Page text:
Church and Leadership:
The Primacy of Parents in Youth Discipleship
by Matthew Hoskinson
Scripture affirms two key truths that must drive the way families and churches disciple the next generation. Errors emerge when one truth is distorted and emphasized to the neglect of the other. But seeking to maintain both emphases is imperative if we are to carry out God's ministry God's way.
Today we will examine the first key truth: parents are primarily responsible for discipling their children. From Deuteronomy 6 to Ephesians 6, the Bible makes it clear: fathers and mothers must own up to the responsibility of rearing God-saturated children. Moses commanded Israel to "teach them [God's words] diligently to...[their] children" (Deuteronomy 6:7). And lest the community should think that all of the adults were primarily responsible for teaching all of the children, Moses added, "Talk of them when you sit in your house, and when you walk by the way, and when you lie down, and when you rise" (6:7). While there was a general community obligation to the next generation, Moses indisputably laid the primary responsibility on parents. Paul expressed it similarly in Ephesians 6. The apostle admonished parents to "bring [their children] up in the discipline and instruction of the Lord" (v. 4). He directed the command specifically to the fathers, not because mothers are relieved of the duty but because fathers are the "heads of households on whom the ultimate responsibility for supervision rests" (D. Edmund Hiebert, Ephesians, p. 108). The apostle affirms the teaching of Moses: parents--and especially fathers--are primarily responsible.
God did not give these commands in academic vacuums. Significantly, the commands of Moses and Paul both grow out of key statements of theology. Moses began with that great affirmation known as the Sh'ma: "Hear, O Israel: the Lord our God, the Lord is one" (Deuteronomy 6:4). There is none like Yahweh. His holiness means that He transcends the created order.
The character of God and the promises of God in Christ demand that parents take their responsibility for the next generation seriously. The call of the Great Commission--"disciple the nations" (Matthew 28:19, my translation)--must not be limited to the regions beyond. It begins at home. I have no greater opportunity--nor any greater responsibility--than to cultivate a follower of Christ in my own home with my own children. As a parent, I must meditate on the greatness and goodness of God, give great attention to my responsibility in light of His character and works, and then structure my family's existence around Him. As a pastor, I must proclaim the greatness and goodness of God, confront parents with their responsibility to their children early and often, and then structure our youth discipleship in a way that communicates the primacy of parents' responsibility.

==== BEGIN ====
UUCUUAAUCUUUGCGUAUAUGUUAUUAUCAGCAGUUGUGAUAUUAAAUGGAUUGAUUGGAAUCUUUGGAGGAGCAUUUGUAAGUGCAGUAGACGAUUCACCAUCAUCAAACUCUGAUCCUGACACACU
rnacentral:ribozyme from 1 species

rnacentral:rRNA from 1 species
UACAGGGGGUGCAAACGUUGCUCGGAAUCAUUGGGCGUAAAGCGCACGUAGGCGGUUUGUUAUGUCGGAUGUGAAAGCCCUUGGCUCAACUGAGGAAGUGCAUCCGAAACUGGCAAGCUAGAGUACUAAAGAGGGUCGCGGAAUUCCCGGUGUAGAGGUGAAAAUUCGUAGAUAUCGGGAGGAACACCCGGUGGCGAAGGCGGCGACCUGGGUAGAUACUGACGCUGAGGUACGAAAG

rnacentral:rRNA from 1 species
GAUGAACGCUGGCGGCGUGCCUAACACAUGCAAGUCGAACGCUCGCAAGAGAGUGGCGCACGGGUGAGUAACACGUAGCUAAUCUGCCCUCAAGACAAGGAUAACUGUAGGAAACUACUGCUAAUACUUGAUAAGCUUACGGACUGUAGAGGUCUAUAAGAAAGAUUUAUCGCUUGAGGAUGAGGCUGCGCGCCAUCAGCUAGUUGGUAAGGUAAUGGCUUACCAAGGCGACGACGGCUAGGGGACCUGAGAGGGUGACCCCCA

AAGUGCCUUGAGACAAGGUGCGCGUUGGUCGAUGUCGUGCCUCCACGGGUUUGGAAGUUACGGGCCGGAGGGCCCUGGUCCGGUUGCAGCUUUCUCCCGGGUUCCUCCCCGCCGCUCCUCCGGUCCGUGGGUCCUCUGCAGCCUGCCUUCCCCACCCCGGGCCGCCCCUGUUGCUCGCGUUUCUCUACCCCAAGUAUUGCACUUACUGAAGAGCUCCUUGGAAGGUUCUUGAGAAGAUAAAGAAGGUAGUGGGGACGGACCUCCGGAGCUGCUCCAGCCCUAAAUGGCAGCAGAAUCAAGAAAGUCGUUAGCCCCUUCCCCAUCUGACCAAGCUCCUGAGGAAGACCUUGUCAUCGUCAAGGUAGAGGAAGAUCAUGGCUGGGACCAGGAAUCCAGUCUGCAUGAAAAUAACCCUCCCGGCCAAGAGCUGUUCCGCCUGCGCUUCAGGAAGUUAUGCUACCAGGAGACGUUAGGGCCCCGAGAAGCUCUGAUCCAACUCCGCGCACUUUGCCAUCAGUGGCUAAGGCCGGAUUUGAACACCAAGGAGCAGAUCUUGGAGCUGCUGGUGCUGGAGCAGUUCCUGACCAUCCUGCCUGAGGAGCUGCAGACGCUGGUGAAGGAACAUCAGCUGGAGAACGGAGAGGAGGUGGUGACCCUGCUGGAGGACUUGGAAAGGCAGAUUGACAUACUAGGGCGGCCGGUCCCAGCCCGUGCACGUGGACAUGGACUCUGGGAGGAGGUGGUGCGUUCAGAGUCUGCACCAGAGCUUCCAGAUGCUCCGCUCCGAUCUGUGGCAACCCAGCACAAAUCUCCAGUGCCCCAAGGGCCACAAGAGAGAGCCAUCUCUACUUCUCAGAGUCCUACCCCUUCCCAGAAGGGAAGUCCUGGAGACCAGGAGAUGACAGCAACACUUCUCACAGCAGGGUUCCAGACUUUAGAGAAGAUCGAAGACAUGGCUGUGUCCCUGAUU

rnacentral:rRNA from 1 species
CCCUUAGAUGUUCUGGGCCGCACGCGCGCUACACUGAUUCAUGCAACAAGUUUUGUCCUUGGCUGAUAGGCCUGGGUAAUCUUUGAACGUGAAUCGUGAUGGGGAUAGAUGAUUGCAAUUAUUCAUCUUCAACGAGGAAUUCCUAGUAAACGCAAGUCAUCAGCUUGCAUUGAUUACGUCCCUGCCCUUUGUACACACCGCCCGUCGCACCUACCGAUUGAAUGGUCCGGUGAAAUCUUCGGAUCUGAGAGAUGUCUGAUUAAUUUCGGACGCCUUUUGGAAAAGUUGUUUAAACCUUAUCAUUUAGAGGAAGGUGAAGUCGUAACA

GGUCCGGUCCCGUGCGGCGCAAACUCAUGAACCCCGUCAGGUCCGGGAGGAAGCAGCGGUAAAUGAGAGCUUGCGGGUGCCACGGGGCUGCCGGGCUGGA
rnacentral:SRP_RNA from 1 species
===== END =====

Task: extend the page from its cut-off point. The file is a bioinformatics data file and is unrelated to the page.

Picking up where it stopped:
The implications of this line of thinking are far-reaching. (1) If parents are primarily responsible for the discipleship of the next generation, then having a youth pastor is unnecessary. Many churches assume that the second pastoral staff member to be added to the payroll of a growing church ought to be the "youth and music guy." There is in this assumption the tacit belief: "if the next generation is to turn out right, the church must have an individual who is devoted full-time to students." The position of youth pastor may be helpful but isn't necessary for the discipleship of the coming generation. Having parents who are committed to the glory of God is.